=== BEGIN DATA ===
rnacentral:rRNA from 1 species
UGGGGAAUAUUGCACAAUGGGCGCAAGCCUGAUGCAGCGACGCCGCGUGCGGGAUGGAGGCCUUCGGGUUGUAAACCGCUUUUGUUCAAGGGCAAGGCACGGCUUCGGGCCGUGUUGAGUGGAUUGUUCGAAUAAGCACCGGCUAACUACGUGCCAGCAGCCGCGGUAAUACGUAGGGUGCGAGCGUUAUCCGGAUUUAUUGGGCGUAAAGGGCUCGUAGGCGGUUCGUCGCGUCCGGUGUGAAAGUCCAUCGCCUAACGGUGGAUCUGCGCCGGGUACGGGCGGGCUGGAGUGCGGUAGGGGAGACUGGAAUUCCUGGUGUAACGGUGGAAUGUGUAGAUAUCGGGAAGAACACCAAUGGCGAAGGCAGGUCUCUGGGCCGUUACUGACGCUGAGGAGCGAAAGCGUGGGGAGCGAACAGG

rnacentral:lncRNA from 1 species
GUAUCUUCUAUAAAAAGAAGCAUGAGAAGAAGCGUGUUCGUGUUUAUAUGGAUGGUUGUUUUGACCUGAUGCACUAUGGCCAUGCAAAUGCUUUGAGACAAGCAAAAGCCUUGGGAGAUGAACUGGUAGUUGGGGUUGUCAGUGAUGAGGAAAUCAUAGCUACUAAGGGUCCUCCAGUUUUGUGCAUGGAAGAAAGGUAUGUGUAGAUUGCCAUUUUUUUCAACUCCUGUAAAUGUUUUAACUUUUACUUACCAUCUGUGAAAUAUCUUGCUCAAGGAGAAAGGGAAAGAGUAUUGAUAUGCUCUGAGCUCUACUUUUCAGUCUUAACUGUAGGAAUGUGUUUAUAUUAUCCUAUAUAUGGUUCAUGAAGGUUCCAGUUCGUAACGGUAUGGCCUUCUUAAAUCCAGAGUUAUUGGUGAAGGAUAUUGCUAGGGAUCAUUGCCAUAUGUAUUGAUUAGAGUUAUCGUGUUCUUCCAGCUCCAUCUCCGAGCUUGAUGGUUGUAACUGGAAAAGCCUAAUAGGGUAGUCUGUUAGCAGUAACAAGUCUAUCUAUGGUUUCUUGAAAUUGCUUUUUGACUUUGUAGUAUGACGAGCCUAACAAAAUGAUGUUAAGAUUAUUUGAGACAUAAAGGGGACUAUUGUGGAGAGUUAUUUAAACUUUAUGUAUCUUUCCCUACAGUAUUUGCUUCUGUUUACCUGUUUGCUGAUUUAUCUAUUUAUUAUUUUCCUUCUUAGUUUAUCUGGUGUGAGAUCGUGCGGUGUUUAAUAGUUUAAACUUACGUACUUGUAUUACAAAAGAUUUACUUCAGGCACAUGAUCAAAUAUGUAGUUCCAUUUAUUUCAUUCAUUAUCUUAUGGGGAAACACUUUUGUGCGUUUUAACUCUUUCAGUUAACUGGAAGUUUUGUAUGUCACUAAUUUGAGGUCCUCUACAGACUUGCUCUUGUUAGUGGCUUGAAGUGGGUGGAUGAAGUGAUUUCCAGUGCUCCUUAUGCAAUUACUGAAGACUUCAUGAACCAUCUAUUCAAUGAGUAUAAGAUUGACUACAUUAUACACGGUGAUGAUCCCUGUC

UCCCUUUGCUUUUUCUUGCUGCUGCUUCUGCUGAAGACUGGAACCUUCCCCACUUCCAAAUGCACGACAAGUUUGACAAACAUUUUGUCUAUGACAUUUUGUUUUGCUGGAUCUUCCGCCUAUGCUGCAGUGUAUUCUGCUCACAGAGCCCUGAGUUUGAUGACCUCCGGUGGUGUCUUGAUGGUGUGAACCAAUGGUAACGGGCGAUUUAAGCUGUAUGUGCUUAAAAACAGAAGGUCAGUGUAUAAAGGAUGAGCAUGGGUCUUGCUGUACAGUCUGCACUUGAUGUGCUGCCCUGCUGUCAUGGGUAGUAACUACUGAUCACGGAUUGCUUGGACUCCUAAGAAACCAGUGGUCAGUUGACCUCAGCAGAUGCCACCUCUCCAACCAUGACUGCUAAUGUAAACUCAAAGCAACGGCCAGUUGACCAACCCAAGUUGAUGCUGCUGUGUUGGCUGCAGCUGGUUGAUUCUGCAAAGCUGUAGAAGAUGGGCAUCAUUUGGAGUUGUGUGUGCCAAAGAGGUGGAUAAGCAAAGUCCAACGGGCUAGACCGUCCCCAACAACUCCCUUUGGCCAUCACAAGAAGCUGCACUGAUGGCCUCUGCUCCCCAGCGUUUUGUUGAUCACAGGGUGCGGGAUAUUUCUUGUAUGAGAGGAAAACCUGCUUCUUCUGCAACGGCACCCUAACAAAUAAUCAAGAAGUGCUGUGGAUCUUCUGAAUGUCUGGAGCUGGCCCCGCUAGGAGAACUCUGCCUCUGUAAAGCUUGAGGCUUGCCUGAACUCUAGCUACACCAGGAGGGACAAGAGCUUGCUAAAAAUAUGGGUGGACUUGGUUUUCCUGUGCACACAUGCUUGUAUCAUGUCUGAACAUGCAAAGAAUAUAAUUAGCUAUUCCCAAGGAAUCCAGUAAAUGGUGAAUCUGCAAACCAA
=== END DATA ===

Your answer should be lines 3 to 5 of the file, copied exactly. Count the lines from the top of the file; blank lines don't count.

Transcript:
rnacentral:lncRNA from 1 species
GUAUCUUCUAUAAAAAGAAGCAUGAGAAGAAGCGUGUUCGUGUUUAUAUGGAUGGUUGUUUUGACCUGAUGCACUAUGGCCAUGCAAAUGCUUUGAGACAAGCAAAAGCCUUGGGAGAUGAACUGGUAGUUGGGGUUGUCAGUGAUGAGGAAAUCAUAGCUACUAAGGGUCCUCCAGUUUUGUGCAUGGAAGAAAGGUAUGUGUAGAUUGCCAUUUUUUUCAACUCCUGUAAAUGUUUUAACUUUUACUUACCAUCUGUGAAAUAUCUUGCUCAAGGAGAAAGGGAAAGAGUAUUGAUAUGCUCUGAGCUCUACUUUUCAGUCUUAACUGUAGGAAUGUGUUUAUAUUAUCCUAUAUAUGGUUCAUGAAGGUUCCAGUUCGUAACGGUAUGGCCUUCUUAAAUCCAGAGUUAUUGGUGAAGGAUAUUGCUAGGGAUCAUUGCCAUAUGUAUUGAUUAGAGUUAUCGUGUUCUUCCAGCUCCAUCUCCGAGCUUGAUGGUUGUAACUGGAAAAGCCUAAUAGGGUAGUCUGUUAGCAGUAACAAGUCUAUCUAUGGUUUCUUGAAAUUGCUUUUUGACUUUGUAGUAUGACGAGCCUAACAAAAUGAUGUUAAGAUUAUUUGAGACAUAAAGGGGACUAUUGUGGAGAGUUAUUUAAACUUUAUGUAUCUUUCCCUACAGUAUUUGCUUCUGUUUACCUGUUUGCUGAUUUAUCUAUUUAUUAUUUUCCUUCUUAGUUUAUCUGGUGUGAGAUCGUGCGGUGUUUAAUAGUUUAAACUUACGUACUUGUAUUACAAAAGAUUUACUUCAGGCACAUGAUCAAAUAUGUAGUUCCAUUUAUUUCAUUCAUUAUCUUAUGGGGAAACACUUUUGUGCGUUUUAACUCUUUCAGUUAACUGGAAGUUUUGUAUGUCACUAAUUUGAGGUCCUCUACAGACUUGCUCUUGUUAGUGGCUUGAAGUGGGUGGAUGAAGUGAUUUCCAGUGCUCCUUAUGCAAUUACUGAAGACUUCAUGAACCAUCUAUUCAAUGAGUAUAAGAUUGACUACAUUAUACACGGUGAUGAUCCCUGUC

UCCCUUUGCUUUUUCUUGCUGCUGCUUCUGCUGAAGACUGGAACCUUCCCCACUUCCAAAUGCACGACAAGUUUGACAAACAUUUUGUCUAUGACAUUUUGUUUUGCUGGAUCUUCCGCCUAUGCUGCAGUGUAUUCUGCUCACAGAGCCCUGAGUUUGAUGACCUCCGGUGGUGUCUUGAUGGUGUGAACCAAUGGUAACGGGCGAUUUAAGCUGUAUGUGCUUAAAAACAGAAGGUCAGUGUAUAAAGGAUGAGCAUGGGUCUUGCUGUACAGUCUGCACUUGAUGUGCUGCCCUGCUGUCAUGGGUAGUAACUACUGAUCACGGAUUGCUUGGACUCCUAAGAAACCAGUGGUCAGUUGACCUCAGCAGAUGCCACCUCUCCAACCAUGACUGCUAAUGUAAACUCAAAGCAACGGCCAGUUGACCAACCCAAGUUGAUGCUGCUGUGUUGGCUGCAGCUGGUUGAUUCUGCAAAGCUGUAGAAGAUGGGCAUCAUUUGGAGUUGUGUGUGCCAAAGAGGUGGAUAAGCAAAGUCCAACGGGCUAGACCGUCCCCAACAACUCCCUUUGGCCAUCACAAGAAGCUGCACUGAUGGCCUCUGCUCCCCAGCGUUUUGUUGAUCACAGGGUGCGGGAUAUUUCUUGUAUGAGAGGAAAACCUGCUUCUUCUGCAACGGCACCCUAACAAAUAAUCAAGAAGUGCUGUGGAUCUUCUGAAUGUCUGGAGCUGGCCCCGCUAGGAGAACUCUGCCUCUGUAAAGCUUGAGGCUUGCCUGAACUCUAGCUACACCAGGAGGGACAAGAGCUUGCUAAAAAUAUGGGUGGACUUGGUUUUCCUGUGCACACAUGCUUGUAUCAUGUCUGAACAUGCAAAGAAUAUAAUUAGCUAUUCCCAAGGAAUCCAGUAAAUGGUGAAUCUGCAAACCAA